Tue, 2018/03/06 - 7:58am
A new tool created by U of G researchers could improve the way urban cat populations are understood and managed.
There are about 100 million owned cats and an estimated 10 million to 120 million free-roaming and feral cats in North America.
The dynamic population model, created by Prof. Jason Coe at the University of Guelph’s Ontario Veterinary College and Tyler Flockhart, who worked on the study with Coe as a post-doctoral researcher and is now a professor at the University of Maryland’s Center for Environmental Science, uses accumulated data from several sources to predict overall cat numbers in a community.
Published in the journal PLOS One, the new model considers owned, unowned or stray cats and cats in the shelter system simultaneously, as well as the way cats move among these categories through human interventions.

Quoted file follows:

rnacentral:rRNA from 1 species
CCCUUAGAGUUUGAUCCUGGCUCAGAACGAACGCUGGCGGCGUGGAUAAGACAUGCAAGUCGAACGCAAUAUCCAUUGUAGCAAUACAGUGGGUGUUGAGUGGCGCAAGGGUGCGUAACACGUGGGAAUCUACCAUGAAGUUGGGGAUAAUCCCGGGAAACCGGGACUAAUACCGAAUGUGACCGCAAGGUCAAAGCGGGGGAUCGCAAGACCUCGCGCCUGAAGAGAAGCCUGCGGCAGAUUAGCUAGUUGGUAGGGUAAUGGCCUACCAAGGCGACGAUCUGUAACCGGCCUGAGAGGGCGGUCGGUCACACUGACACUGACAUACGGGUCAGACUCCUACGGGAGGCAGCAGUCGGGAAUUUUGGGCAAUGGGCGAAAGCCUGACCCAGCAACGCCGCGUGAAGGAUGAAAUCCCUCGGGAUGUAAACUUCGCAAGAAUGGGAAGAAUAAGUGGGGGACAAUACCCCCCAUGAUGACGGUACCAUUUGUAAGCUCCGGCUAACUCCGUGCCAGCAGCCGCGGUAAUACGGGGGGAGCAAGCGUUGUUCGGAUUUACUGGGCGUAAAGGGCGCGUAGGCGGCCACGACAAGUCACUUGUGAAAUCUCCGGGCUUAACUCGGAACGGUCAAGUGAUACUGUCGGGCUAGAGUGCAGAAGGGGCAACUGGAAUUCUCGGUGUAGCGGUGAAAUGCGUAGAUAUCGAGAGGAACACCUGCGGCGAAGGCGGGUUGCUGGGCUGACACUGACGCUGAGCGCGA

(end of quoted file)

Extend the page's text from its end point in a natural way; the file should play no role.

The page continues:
The main concerns the population model addresses are cat welfare and the management of outdoor and stray cats. These cats face numerous challenges, including disease susceptibility, food insecurity, lack of adequate shelter and vulnerability to predators. They also affect the natural environment by threatening birds and other wildlife and by spreading disease.
Read the entire article about Coe and Flockhart’s research on the University of Guelph website.